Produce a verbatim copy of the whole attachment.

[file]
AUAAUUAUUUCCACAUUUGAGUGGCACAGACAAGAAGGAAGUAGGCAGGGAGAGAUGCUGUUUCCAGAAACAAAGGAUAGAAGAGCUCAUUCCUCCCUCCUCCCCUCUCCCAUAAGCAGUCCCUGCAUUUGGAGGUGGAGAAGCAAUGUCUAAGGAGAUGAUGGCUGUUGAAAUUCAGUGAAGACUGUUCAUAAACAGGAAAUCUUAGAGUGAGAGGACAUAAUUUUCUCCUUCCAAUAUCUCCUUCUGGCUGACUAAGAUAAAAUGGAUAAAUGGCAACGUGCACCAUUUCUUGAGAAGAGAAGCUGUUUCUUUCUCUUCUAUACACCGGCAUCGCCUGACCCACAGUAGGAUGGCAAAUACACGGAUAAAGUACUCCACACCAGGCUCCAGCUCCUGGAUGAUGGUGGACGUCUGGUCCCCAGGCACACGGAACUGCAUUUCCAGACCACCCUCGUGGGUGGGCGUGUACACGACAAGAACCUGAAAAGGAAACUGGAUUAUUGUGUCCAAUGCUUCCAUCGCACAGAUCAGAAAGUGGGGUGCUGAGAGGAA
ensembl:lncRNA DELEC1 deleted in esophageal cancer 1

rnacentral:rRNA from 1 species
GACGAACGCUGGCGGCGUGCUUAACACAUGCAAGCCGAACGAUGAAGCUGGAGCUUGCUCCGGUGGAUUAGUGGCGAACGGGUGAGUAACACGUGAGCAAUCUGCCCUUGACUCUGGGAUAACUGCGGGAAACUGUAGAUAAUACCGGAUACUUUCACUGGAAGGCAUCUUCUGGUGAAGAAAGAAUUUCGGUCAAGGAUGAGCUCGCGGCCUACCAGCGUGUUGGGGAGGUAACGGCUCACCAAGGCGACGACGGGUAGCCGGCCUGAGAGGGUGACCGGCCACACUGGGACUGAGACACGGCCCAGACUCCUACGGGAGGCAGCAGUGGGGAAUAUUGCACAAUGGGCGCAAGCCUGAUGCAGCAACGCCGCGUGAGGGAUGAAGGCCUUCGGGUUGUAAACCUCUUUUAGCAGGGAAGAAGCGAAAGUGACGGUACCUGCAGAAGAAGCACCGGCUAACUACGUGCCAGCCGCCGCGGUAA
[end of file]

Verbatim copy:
AUAAUUAUUUCCACAUUUGAGUGGCACAGACAAGAAGGAAGUAGGCAGGGAGAGAUGCUGUUUCCAGAAACAAAGGAUAGAAGAGCUCAUUCCUCCCUCCUCCCCUCUCCCAUAAGCAGUCCCUGCAUUUGGAGGUGGAGAAGCAAUGUCUAAGGAGAUGAUGGCUGUUGAAAUUCAGUGAAGACUGUUCAUAAACAGGAAAUCUUAGAGUGAGAGGACAUAAUUUUCUCCUUCCAAUAUCUCCUUCUGGCUGACUAAGAUAAAAUGGAUAAAUGGCAACGUGCACCAUUUCUUGAGAAGAGAAGCUGUUUCUUUCUCUUCUAUACACCGGCAUCGCCUGACCCACAGUAGGAUGGCAAAUACACGGAUAAAGUACUCCACACCAGGCUCCAGCUCCUGGAUGAUGGUGGACGUCUGGUCCCCAGGCACACGGAACUGCAUUUCCAGACCACCCUCGUGGGUGGGCGUGUACACGACAAGAACCUGAAAAGGAAACUGGAUUAUUGUGUCCAAUGCUUCCAUCGCACAGAUCAGAAAGUGGGGUGCUGAGAGGAA
ensembl:lncRNA DELEC1 deleted in esophageal cancer 1

rnacentral:rRNA from 1 species
GACGAACGCUGGCGGCGUGCUUAACACAUGCAAGCCGAACGAUGAAGCUGGAGCUUGCUCCGGUGGAUUAGUGGCGAACGGGUGAGUAACACGUGAGCAAUCUGCCCUUGACUCUGGGAUAACUGCGGGAAACUGUAGAUAAUACCGGAUACUUUCACUGGAAGGCAUCUUCUGGUGAAGAAAGAAUUUCGGUCAAGGAUGAGCUCGCGGCCUACCAGCGUGUUGGGGAGGUAACGGCUCACCAAGGCGACGACGGGUAGCCGGCCUGAGAGGGUGACCGGCCACACUGGGACUGAGACACGGCCCAGACUCCUACGGGAGGCAGCAGUGGGGAAUAUUGCACAAUGGGCGCAAGCCUGAUGCAGCAACGCCGCGUGAGGGAUGAAGGCCUUCGGGUUGUAAACCUCUUUUAGCAGGGAAGAAGCGAAAGUGACGGUACCUGCAGAAGAAGCACCGGCUAACUACGUGCCAGCCGCCGCGGUAA